Eating just half an orange a day or other foods rich in vitamin C halves the risk of dying from strokes, according to a British study.
“I don’t like to make any definite public health recommendations, but I think this study points the way forward. And it’s hard to believe there’s any harm eating a diet rich in fruits and vegetables,” said Dr. Christopher Martyn, the investigator at the Epidemiology Unit of Britain’s Medical Research Council in Southampton.
Whether vitamin C or other vitamins truly ward off disease is controversial. Some studies suggest anti-oxidant vitamins - including vitamins A, C and E - ward off strokes and heart disease. Other studies do not support such claims.
Other experts said the new findings appear consistent with some previous reports, but they could not comment specifically because the findings have not been published in a scientific journal.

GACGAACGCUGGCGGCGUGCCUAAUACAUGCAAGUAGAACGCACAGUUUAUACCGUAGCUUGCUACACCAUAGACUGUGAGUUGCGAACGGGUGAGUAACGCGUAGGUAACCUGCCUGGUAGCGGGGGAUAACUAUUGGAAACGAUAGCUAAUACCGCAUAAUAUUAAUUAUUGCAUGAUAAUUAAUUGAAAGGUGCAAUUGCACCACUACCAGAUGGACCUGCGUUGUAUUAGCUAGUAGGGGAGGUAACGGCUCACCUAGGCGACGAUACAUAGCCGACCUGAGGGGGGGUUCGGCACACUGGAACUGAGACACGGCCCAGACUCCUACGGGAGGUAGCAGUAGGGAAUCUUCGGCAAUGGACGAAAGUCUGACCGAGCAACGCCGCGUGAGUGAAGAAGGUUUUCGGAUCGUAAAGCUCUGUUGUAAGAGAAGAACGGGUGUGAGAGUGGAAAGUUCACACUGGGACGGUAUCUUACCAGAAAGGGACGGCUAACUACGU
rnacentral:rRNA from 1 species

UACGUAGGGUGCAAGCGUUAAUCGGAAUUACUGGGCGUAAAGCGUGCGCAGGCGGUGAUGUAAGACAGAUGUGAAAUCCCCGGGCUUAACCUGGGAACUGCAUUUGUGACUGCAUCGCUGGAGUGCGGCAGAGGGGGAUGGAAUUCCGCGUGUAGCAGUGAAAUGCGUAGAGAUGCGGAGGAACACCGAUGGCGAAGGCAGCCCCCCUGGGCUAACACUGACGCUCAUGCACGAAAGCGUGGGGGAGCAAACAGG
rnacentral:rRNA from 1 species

A summary of the findings was released in a press statement by the Medical Research Council, claiming the study would be in Saturday’s issue of the British Medical Journal.
But the article is not in this week’s journal, and editors would not say when or whether the study will be published.
A Medical Research Council press officer said he wrote the release because the scientist had told him the article would be published this week. But now the journal, he said, has threatened to pull the study if it gets too much publicity in the press.
Touting study results in a press statement before publication in a scientific journal irks fellow researchers who tend to think their colleagues are seeking publicity or funding.
And editors of scientific journals do not like to be scooped by the lay press. They can decide to pull the article - a blow to researchers who need to publish scientific articles.
Martyn’s team gleaned the information from death records of 643 people who had taken part in a large health survey which was started 20 years ago. People in the top third for vitamin C intake - the equivalent of half an orange a day - were half as likely to die from strokes as those in the bottom third.